Hong Kong’s children list livelihood concerns after giving government failing grade for welfare
Civil Children’s Ombudsman group gives score of zero for housing, medical welfare and new immigrant family protections
The government’s efforts to improve the well-being of Hong Kong’s underprivileged children has made some progress in the past year, but still failed to achieve a passing grade on one advocacy group’s annual report card.
The Civil Children’s Ombudsman group, made up of 2,000 youth ambassadors aged 17 and under, gave the government an overall score of 15 out of 100 for dealing with their top 10 livelihood concerns in 2016. It was a slight improvement on the 8 out of 100 score recorded in 2015.
The group gave the government zero points for its policies on housing, medical welfare and new immigrant family protections, and for its lack of commission on children’s rights. The most points were given to after-school care services for poor families, which received a score of five, and free education, which received a score of four.
“The children are incredibly disappointed. Although they launched free kindergarten education and the low-income working family allowance last year, the government’s pace is still too slow,” Sze Lai-shan from the Society for Community Organisation said during yesterday’s launch of the annual report.
Outlining their top 10 priorities for 2017, the children ambassadors named housing as their biggest concern, followed by education and medical services.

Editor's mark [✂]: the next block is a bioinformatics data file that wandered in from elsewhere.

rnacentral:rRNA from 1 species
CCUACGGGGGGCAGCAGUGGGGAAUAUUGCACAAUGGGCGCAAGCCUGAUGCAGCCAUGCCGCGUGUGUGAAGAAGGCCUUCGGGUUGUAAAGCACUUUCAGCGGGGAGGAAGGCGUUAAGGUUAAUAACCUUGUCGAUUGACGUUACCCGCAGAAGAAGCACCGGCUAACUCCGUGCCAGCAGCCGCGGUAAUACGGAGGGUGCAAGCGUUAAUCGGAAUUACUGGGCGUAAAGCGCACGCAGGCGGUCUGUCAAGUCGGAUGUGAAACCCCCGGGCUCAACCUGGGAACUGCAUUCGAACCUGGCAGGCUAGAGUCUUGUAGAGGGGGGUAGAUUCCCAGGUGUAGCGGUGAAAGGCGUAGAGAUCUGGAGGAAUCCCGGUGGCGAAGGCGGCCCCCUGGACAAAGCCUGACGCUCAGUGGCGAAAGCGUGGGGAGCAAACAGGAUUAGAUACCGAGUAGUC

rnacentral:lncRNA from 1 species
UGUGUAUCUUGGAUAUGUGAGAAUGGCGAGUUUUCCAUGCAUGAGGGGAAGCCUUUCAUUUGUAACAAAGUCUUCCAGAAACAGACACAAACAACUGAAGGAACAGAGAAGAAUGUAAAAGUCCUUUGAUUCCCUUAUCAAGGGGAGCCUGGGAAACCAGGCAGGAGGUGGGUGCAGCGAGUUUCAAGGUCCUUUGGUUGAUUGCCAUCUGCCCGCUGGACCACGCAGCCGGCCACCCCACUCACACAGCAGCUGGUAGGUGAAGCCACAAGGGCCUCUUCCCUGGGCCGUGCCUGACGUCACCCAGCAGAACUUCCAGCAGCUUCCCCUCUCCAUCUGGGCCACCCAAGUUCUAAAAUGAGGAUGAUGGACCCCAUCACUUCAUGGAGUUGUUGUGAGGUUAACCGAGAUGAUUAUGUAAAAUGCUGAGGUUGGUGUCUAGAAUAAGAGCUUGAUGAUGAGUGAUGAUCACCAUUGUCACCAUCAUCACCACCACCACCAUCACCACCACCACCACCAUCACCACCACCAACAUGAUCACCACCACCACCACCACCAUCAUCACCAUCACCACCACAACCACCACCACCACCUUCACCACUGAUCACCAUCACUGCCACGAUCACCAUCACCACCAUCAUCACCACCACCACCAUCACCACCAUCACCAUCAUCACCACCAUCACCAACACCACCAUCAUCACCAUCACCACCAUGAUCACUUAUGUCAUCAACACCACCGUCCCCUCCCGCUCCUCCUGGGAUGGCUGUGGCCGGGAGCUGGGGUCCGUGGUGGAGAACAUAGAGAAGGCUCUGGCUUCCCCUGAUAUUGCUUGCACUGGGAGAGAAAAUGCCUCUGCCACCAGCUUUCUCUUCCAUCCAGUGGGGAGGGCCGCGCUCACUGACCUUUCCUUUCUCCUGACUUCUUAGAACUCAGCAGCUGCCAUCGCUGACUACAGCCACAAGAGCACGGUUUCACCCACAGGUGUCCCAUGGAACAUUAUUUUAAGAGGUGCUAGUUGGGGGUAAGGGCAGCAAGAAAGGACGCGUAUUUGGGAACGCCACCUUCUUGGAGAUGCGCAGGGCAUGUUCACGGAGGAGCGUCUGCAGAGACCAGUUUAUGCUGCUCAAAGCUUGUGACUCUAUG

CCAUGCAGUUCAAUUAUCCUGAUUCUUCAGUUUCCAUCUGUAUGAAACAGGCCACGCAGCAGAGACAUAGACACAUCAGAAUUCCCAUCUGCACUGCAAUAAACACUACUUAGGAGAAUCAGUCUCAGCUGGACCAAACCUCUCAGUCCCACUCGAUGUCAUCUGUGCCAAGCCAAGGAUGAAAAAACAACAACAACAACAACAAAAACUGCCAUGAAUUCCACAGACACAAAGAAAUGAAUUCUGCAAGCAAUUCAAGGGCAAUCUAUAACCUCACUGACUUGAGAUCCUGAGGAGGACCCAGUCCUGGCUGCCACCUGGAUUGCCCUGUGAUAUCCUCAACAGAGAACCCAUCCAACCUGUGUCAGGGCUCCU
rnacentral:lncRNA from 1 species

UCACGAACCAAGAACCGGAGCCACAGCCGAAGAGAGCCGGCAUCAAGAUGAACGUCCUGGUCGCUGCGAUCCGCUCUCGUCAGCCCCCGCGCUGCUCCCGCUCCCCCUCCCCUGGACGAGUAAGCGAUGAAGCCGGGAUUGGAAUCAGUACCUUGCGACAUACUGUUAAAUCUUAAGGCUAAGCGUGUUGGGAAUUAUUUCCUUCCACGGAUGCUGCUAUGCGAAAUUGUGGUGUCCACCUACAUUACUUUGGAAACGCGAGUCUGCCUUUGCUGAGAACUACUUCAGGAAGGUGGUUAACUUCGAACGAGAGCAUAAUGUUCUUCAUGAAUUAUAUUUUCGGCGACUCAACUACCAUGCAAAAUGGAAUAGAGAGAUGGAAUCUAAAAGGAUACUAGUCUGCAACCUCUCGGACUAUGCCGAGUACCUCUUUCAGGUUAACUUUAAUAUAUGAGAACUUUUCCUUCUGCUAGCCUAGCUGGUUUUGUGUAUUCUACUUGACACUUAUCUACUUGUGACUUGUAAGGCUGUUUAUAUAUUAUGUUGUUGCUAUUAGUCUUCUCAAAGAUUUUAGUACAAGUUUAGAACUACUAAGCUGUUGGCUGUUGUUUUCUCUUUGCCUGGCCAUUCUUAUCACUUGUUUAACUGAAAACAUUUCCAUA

Some 246,000 of the city’s youths aged under 18 live below the poverty line, according to official statistics.
The organisation estimated that close to 50,000 of the city’s underprivileged youths were living in inadequate conditions such as cage homes or partitioned flats.
About 200,000 people were living in some 88,000 subdivided units in 2015, Census and Statistics Department figures showed.
Sze said that living in such conditions was detrimental to the physical and emotional health of children.
“Space is cramped and lighting is dim. How are they supposed to develop and grow healthily?” she questioned.
Sze said there were many cases of children’s confidence and grades suffering because they had been teased at school for living in public housing. Longer waiting times to get into public housing was another key concern for underprivileged children, she added.
As of September, waiting times for public housing applicants had stretched out to an average of 4.5, well above the government’s target of a three-year wait time.
Lawmaker for the social welfare sector Shiu Ka-chun criticised the government for its lack of long-term strategies for children’s welfare.
“The biggest problem is their policies seem to be strategically for their own political campaigns, rather than for the welfare of the least, the last and the lost,” Shiu said.
He said the government needed to focus on rent subsidies, transitional housing and rent control in order to tackle the city’s housing shortage.